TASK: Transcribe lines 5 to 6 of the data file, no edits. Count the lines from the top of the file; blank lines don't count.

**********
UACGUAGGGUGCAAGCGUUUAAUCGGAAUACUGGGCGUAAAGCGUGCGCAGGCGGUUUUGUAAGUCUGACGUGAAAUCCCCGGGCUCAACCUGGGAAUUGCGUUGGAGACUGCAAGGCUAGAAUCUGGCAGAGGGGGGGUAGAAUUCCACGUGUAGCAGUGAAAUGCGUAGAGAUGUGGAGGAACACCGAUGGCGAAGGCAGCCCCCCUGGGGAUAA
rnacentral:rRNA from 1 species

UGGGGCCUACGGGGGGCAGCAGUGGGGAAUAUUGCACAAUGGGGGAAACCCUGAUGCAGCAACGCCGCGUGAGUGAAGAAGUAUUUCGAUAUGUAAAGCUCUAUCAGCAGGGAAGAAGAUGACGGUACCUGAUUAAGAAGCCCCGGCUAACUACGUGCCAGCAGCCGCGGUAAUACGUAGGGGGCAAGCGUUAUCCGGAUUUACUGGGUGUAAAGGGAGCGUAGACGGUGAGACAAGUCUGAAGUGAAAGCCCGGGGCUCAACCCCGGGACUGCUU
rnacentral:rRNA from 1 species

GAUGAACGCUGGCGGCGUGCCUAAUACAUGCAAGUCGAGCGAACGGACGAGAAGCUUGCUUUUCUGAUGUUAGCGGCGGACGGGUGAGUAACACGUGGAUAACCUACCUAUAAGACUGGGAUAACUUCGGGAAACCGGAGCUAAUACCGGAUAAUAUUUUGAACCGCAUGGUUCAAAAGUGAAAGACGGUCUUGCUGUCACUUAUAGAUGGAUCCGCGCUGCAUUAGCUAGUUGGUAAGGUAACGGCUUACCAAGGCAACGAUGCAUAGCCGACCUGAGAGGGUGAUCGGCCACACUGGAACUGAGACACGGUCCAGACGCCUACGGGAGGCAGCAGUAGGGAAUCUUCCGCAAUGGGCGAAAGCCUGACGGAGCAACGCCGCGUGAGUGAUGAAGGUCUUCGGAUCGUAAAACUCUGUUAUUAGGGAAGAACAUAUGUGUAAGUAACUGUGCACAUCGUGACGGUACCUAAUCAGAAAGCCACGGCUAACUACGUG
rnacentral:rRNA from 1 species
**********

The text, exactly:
GAUGAACGCUGGCGGCGUGCCUAAUACAUGCAAGUCGAGCGAACGGACGAGAAGCUUGCUUUUCUGAUGUUAGCGGCGGACGGGUGAGUAACACGUGGAUAACCUACCUAUAAGACUGGGAUAACUUCGGGAAACCGGAGCUAAUACCGGAUAAUAUUUUGAACCGCAUGGUUCAAAAGUGAAAGACGGUCUUGCUGUCACUUAUAGAUGGAUCCGCGCUGCAUUAGCUAGUUGGUAAGGUAACGGCUUACCAAGGCAACGAUGCAUAGCCGACCUGAGAGGGUGAUCGGCCACACUGGAACUGAGACACGGUCCAGACGCCUACGGGAGGCAGCAGUAGGGAAUCUUCCGCAAUGGGCGAAAGCCUGACGGAGCAACGCCGCGUGAGUGAUGAAGGUCUUCGGAUCGUAAAACUCUGUUAUUAGGGAAGAACAUAUGUGUAAGUAACUGUGCACAUCGUGACGGUACCUAAUCAGAAAGCCACGGCUAACUACGUG
rnacentral:rRNA from 1 species